The fear of weight restoration is one of the most frightening and challenging mental blocks to conquer in eating disorder (ED) recovery. When you are malnourished from starvation or binging and purging, the first step toward physical healing is to stabilize your weight in a healthier range. This can also be the scariest part of the whole eating disorder recovery process because gaining weight means surrendering that intense and desperate need for control. It means rejecting the illusion that being the "skinniest person in a room" equals success, worth or beauty. It means being forced to accept that you're more than a body, and you are lovable no matter what the scale reads. Without the buffer of weight manipulation to cower behind, you feel exposed in a way that is often uncomfortable and unfamiliar. But shedding this layer of defense is not just a life-saver—it's a turning point to freedom. Here are some practical interventions for conquering the fear of weight restoration in ED recovery.    
Your eating disorder has its own personality. In fact, if you have spent any length of time under the possessive, domineering influence of an eating disorder, you know the illness can turn you into a different person altogether. You have probably felt the sensation of watching your actions as though from a distance, ashamed at the erratic behavior, yet helpless to regain control. You have likely experienced the reckless thoughts and wild emotions that breed impulsive choices and abrupt reactions. You can detect when the eating disorder hijacks your brain and all of a sudden, you are operating from a place of anxiety and fear. You are no longer, well, you. Your eating disorder personality has taken over.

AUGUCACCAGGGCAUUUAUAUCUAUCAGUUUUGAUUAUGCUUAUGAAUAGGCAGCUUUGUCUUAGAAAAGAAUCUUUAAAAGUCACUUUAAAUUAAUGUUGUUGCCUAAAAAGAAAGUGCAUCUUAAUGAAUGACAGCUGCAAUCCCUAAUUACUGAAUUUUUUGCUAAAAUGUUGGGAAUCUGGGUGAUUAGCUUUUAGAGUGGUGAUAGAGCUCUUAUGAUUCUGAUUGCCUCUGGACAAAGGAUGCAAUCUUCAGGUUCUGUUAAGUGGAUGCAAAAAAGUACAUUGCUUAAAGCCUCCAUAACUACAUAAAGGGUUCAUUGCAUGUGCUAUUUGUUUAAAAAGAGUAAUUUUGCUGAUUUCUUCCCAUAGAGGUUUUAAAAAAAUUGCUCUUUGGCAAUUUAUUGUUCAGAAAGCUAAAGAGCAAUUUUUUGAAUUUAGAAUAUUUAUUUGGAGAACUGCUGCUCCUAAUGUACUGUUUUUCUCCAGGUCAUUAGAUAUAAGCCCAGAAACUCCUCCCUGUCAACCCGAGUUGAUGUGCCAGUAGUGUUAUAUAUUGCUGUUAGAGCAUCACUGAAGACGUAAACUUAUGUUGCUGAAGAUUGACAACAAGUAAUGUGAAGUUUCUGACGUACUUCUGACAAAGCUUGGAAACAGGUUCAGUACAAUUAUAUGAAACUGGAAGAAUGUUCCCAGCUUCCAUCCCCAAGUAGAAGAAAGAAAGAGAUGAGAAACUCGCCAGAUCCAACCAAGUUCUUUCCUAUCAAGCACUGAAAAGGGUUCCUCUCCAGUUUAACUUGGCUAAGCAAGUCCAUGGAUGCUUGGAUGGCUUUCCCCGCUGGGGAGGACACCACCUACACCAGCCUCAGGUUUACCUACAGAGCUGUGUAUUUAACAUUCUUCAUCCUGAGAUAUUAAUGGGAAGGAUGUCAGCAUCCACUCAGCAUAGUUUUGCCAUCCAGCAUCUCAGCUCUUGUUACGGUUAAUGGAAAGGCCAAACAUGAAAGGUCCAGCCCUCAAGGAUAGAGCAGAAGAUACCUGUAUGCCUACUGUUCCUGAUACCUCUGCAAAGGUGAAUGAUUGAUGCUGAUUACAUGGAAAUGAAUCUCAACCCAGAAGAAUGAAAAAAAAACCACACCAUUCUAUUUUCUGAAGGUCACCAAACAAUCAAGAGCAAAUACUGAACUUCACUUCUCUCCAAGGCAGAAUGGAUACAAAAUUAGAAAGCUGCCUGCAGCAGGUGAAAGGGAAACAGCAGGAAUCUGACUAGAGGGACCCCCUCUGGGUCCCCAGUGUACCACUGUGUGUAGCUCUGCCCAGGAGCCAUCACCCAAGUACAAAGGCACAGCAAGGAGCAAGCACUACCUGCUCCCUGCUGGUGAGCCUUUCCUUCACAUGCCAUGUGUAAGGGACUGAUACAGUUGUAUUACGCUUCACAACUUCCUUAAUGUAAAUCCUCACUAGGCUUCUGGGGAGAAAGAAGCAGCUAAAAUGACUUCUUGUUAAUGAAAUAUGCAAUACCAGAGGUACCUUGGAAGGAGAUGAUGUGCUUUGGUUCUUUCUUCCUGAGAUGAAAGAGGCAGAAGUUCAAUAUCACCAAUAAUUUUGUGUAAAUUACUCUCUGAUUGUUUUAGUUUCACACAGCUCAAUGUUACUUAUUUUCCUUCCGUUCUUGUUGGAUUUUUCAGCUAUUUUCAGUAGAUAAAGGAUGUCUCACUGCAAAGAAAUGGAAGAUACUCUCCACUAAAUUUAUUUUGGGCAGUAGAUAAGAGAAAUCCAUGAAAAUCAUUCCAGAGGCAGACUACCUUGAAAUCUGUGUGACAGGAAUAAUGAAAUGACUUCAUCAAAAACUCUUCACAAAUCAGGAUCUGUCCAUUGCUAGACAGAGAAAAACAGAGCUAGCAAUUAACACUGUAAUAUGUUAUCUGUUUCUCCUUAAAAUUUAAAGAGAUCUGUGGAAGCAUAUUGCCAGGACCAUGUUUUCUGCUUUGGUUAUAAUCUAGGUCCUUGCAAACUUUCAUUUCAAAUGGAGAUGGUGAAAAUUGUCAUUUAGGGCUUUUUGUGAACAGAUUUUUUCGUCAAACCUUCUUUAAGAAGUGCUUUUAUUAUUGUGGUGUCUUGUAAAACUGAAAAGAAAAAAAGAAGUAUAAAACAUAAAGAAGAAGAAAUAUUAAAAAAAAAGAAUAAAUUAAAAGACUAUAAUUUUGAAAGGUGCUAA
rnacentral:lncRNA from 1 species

When it comes to succeeding in eating disorder recovery, one stubborn misconception needs to be discredited—the good food versus bad food debate. Mainstream culture has propagated the idea of attaching morality to certain food groups by idealizing some and demonizing others. But this paradigm is nothing more than a fabricated social construct with destructive implications. When a food is labeled either "good" or "bad," it suggests the person who consumes that food must take on a similar virtue. But the reality is, character is not based on someone's diet. Integrity cannot be measured by asking the question, "Did you eat a salad or cheeseburger for lunch?" What you eat doesn't define you. Foods should not be forced into categories any more than humans should. In order to prioritize eating disorder recovery, it's time to stop the good food versus bad food debate.
Learning to face down your triggers in eating disorder recovery is non-negotiable. A trigger is any form of content, behavior, topic or event which exacerbates a trauma or mental illness, and today's culture is saturated with them. In a society that endorses the harmful message of ideal bodies, clean diets and extreme fitness, the pressure to cave into those triggering beliefs is enormous—and if you're susceptible to an eating disorder, that urge can feel overwhelming. Triggers in eating disorder recovery are ingrained in the broken systems of this world, so triggers can't be avoided entirely. So while it's unrealistic to pretend they don't exist, there are coping methods you can utilize to navigate triggering situations with a healthy mindset that won't risk your progress in recovery.